The Leipzig Card makes it incredibly easy to get around Leipzig and the surrounding areas, including the Spinnerei (I’ll talk more about that in a few!). Public transportation is well planned out in Leipzig, because duh, it’s Germany! Thus making it a great way to get around and explore the city. The Leipzig Card gives you unlimited rides on public transportation in Leipzig.
As an added bonus, the card gets you discounts or free walking, tram, bus, tours and discounts or free admission to a lot of museums and attractions around the city. You can purchase a 1 day or 3 day card before you even arrive, thus giving you plenty of peace of mind!
(Note: if you don’t purchase the card, the ticket machines for the subway can be a tad confusing and they only take Mastercard and bills smaller than a 5 Euro! I learned that one the hard way!)
If you know me at all, you know I’m one of the least coordinated humans on the planet. Because of this, I try to avoid two-wheeled vehicles or anything that can go faster than walking where I’m not in a padded bubble while traveling.
Somehow, I ended up on a 4 hour bike tour of Leipzig with Lipzi Tours, however. I can happily report that I came away unscathed and I’d actually do it again!
My tour guide was phenomenal and the city of Leipzig is super bike friendly in that there aren’t many cars or crazy intersections. The only thing you need to look out for are the tram lines in the road, I almost got my tire wedged in there a few times.
Leipzig is the culmination of a lot of smaller towns that eventually sprawled and came together to form Leipzig. Each neighborhood has its own personality, so you really need to see them all to get a full picture of what Leipzig is really like.
There’s greenery around every corner in Leipzig and you can literally bicycle through a dense forest just 5-10 minutes from the city center. We even biked through a massive park that rode along next to the Leipzig Zoo. There were a few pull off areas that gave you clear views of giraffes, zebras, and other animals!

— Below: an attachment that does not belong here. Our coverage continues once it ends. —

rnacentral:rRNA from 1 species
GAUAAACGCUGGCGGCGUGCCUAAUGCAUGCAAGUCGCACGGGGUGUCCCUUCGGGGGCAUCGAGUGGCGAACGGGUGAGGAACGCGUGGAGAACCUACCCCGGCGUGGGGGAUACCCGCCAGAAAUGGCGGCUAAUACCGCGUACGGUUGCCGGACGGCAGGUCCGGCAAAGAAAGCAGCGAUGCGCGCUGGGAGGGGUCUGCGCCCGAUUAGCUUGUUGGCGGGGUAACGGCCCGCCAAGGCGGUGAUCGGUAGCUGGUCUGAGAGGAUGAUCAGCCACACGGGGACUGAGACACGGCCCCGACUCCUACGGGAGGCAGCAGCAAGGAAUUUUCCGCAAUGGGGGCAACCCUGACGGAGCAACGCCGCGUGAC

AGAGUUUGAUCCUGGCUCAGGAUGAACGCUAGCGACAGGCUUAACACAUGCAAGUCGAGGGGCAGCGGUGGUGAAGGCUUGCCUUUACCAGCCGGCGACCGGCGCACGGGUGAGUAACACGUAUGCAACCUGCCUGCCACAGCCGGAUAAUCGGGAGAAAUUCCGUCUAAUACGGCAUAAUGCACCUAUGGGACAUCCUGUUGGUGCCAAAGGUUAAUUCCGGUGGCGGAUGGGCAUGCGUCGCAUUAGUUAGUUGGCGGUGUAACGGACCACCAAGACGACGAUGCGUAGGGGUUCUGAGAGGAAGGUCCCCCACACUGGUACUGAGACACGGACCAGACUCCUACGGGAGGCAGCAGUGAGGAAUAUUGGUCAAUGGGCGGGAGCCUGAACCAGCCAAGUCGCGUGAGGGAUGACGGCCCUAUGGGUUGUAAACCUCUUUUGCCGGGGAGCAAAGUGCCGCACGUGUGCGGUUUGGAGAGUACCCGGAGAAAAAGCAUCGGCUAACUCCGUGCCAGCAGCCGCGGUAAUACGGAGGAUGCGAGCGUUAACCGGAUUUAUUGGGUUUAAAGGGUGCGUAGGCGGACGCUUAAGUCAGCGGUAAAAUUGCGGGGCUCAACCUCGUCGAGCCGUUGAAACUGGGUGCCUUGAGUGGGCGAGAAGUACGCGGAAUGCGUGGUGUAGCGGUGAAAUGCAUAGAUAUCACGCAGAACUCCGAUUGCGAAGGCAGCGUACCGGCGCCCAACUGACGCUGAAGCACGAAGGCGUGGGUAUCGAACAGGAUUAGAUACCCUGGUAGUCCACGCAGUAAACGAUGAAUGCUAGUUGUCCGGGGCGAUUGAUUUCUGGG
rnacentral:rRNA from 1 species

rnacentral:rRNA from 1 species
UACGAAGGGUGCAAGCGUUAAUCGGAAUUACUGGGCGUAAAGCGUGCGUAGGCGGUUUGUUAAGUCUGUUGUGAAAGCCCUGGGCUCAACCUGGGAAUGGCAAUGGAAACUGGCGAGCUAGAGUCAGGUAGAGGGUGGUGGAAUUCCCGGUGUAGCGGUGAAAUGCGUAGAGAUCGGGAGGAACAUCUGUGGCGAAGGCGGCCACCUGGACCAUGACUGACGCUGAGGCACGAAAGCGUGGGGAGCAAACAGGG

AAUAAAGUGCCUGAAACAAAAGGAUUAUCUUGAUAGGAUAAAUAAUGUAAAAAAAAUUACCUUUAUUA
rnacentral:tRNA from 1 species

We rode through Plagwitz, the city’s old industrial quarter which is now home to the Spinneri, an old textile factory complex turned artist sanctuary chock full of galleries, creative workspaces, and everything in between. Art is the primary focus of Plagwitz and you can almost feel the tremors of creativity pulsing from this area of the city. We rode through an area of old, long-abandoned factories that have become a graffiti mecca of the city. Even in broad daylight, a few graffiti artists were busy creating on any surface that called to them. Inside the walls of these factories came alive at night, I was told, with bars and event spaces home to rec centers with ping-pong tables, music nights and more. Tucked away, and virtually unrecognizable from the outside, was a Chinese restaurant that apparently was the best in the city! (I seriously don’t think I could find that place again if I tried, it was so hidden!)
I think it’s important to mention that I know the stigma that artist housing and abandoned factories turned into pop up spaces conjures in your mind. I assure you, it has been done in a safe and respectful way. Leipzig has given these regions and people ample support and these spaces are not home to rif raf and dark and dangerous alleyways. These places are encouraged and supported and because of this, they have grown positively, friendly and constructively rather than darkly and dangerously.
Leipzig truly surprised me. The creativity and quirkiness of a city that has such a rooted history was refreshing. From 2 buildings, one from the 16th century and one the 17th century, standing next to each other that took 9 months and 9 years respectively to complete, to an old folk tale of a plank being thrown between two buildings to have food carried over because the men working in the stock exchange were sick of their food taking so long to get to them to a fountain being nicknamed the “prostitute fountain” because of a simple mistake, Leipzig was full of quirks that really added to its aristocratic charm.
If you’re looking for even more insights into visiting Leipzig, don’t just take my word for it, read this post about things to do in Leipzig.
Although you could easily brisk through the sites in a few days, I think the charm of Leipzig is in slowing down and wandering the streets of the various neighborhoods, enjoying a coffee or some German wine and chatting with locals. Relax in Leipzig and take in all that it has to offer.
I was hosted by Leipzig Tourism during my trip to Leipzig, as always, however, all thoughts are my own.